Monday 19 August, 2019

JMEA president points manufacturers to Haitian US$2-b import market

Jamaica Manufacturers and Exporters Association President Metry Seaga.

Jamaica Manufacturers and Exporters Association President Metry Seaga.

President of the Jamaica Manufacturers and Exporters Association (JMEA) Metry Seaga is challenging exporters to cut into a slice of the US$2 billion goods imported by Haiti, one of Jamaica's closest neighbours. 

The JMEA president emphasised the need for Jamaica to export more and import less and indicated that presently local manufacturers tap into a mere 0.7 per cent of the Haitian import market.

He remarked that Haiti has taken a step towards becoming a member of the Caribbean Community (CARICOM) family by October of this year.

He also made mention that while Jamaica's export for 2017 stood at US$1.3 billion, that same year the United Kingdom's export market grew by 1 per cent or US$4.9 billion.

"If we could tap into just a small portion of that one per cent, it could lead to a meteoric rise in our export value," Seaga commented.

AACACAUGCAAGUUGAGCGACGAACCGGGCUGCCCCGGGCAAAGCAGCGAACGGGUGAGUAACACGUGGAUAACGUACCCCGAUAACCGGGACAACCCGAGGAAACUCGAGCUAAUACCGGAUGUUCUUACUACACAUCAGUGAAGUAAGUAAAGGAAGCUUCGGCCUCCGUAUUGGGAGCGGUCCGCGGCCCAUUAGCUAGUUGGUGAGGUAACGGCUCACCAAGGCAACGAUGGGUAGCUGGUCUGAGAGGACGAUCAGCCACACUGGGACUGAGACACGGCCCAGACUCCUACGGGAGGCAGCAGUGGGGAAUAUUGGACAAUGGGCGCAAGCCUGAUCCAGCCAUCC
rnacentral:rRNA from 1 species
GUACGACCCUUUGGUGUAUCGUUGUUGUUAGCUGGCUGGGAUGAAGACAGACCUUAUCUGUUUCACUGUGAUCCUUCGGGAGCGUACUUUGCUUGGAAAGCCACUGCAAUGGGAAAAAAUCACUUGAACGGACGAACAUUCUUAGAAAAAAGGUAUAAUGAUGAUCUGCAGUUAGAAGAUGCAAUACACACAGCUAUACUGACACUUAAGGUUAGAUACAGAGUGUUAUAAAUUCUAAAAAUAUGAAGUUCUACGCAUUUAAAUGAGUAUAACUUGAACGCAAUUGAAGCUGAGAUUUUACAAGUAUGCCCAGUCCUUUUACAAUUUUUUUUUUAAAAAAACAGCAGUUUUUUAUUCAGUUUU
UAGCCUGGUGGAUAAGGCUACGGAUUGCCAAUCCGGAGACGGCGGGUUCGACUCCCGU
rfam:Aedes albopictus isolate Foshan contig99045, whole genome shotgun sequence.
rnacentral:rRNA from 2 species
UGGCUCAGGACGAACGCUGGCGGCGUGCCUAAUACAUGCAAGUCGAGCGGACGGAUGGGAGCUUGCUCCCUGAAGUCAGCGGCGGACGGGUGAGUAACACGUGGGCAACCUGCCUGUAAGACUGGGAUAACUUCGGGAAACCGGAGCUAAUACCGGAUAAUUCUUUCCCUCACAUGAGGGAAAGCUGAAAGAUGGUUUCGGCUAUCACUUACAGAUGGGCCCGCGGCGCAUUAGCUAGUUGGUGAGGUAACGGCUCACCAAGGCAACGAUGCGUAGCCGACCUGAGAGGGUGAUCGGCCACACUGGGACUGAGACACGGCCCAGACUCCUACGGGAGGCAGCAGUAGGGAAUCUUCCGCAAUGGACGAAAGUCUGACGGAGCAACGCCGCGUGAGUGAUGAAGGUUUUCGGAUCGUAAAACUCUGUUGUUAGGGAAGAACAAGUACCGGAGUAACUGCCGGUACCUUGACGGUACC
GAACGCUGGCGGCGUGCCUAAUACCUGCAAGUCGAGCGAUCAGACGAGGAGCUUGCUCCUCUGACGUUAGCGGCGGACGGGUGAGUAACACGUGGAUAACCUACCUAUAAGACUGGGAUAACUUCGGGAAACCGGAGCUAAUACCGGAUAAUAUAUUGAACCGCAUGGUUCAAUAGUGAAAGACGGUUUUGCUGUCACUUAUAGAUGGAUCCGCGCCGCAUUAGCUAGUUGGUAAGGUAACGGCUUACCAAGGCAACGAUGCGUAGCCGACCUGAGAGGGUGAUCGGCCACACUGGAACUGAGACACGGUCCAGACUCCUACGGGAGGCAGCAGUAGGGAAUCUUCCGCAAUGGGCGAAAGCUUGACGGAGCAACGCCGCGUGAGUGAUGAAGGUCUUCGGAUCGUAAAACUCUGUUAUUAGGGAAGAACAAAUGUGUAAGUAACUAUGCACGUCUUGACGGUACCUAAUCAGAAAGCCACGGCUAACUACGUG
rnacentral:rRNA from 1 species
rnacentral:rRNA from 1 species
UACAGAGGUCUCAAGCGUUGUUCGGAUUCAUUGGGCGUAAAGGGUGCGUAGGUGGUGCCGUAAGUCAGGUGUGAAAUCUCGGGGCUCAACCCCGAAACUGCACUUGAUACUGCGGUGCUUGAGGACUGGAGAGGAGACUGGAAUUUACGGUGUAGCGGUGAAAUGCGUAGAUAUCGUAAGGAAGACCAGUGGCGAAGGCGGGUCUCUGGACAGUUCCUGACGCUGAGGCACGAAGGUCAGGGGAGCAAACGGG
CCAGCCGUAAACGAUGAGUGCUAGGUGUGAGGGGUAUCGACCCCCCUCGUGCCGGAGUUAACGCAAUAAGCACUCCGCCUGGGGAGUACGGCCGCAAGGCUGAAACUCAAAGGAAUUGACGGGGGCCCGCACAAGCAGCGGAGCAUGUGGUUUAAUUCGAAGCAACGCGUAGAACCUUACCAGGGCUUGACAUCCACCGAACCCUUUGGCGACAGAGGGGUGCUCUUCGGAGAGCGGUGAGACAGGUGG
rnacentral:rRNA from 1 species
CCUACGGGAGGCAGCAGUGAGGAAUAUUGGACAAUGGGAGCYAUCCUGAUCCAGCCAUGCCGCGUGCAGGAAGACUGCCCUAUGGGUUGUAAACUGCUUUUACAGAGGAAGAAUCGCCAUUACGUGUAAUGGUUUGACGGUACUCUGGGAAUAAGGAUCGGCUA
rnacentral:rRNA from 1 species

He also pointed out that STATIN reported that Jamaica's overall trade deficit for January to October 2018 was US$3.5 billion, a 2.4 per cent increase over the previous year.

"Expenditure on imports was US$5 billion, a nine per cent increase over the same period in 2017. Total exports were valued at US$ 1.4 billion for the period, an increase of 29.6 per cent over the 2017 period. Ladies and gentlemen, this is mind-boggling to me, as we are surrounded by abundant opportunities for Jamaican exports," Seaga remarked.

Seaga made his remarks while delivering the keynote address at the launch of the launch of the second staging of the Jamaica International Exhibition (JIE), put on by the JMEA at the Hilton Rose Hall Resort and Spa on Tuesday.

The JMEA president commented that even as the trade show pulls global sellers and buyers, it is also critical in inspiring export of locally manufactured goods.  

 "Whilst the trade show is multisectoral and welcomes international exhibitors and suppliers to our shore, the JIE is critically important in stimulating the export of local goods and services and of course linkages with the tourism sector. Import substitution and export expansion are the only two ways in which as a country we can have sustainable growth and development," Seaga commented.

The trade show is slated to be staged at the Montego Bay Convention Centre between May 30 and June 1.




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